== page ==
The Turn of the Key is the fifth book by Ruth Ware, and the first that I’ve read by her. I definitely feel like I started off on the right foot.
This book was creepy. It had suspense, mystery, and an element which left you puzzling whether or not it was supernatural, or if there was a logical explanation for it. The main character we have is Rowan. Following a rough childhood, she became a nanny and began working at a daycare. After finding an advertisement for a nannying job with a salary she can’t say no to, she leaves London and moves to the Scottish highlands to work for a family in a remote, and extravagant house. The parents are aloof, busy, and flustered by the departure of the previous four nannies they’ve hired.
As Rowan starts her new job, she begins to wonder if the nannies left because of the parents, the slightly aloof and creepy children, or something more sinister happening in a house with a lot of history.
This book is told in an epistolary format, as Rowan writes letters to appeal to a lawyer she wants to represent her in the trial for the murder of one of the children. Most of the time that I was reading this, I forgot that it was written in this format, and liked the reminders of the jumps in time we were experiencing.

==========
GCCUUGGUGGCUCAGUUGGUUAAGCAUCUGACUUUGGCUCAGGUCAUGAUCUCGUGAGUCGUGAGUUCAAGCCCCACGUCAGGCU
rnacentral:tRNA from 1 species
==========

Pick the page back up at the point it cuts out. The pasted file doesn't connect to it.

Maybe it’s because I read the book in one day, but I found myself so hooked into the plot and Rowan’s actions (and her assurances that she was innocent), that I didn’t have time to theorize or try and figure out what the twists were. I was along for the ride, and found the plot twists, surprising and very well executed.
This was the thirteenth thriller/mystery/horror book that I’ve read this year, and is definitely towards the top of the list. It’s the book that surprised me the most. From what I’ve seen and read about Ruth Ware’s other books, this is her best so far. I’m reluctant to go back and read some of her older novels, but if they have any similar twists to this one, I definitely want to give them a try.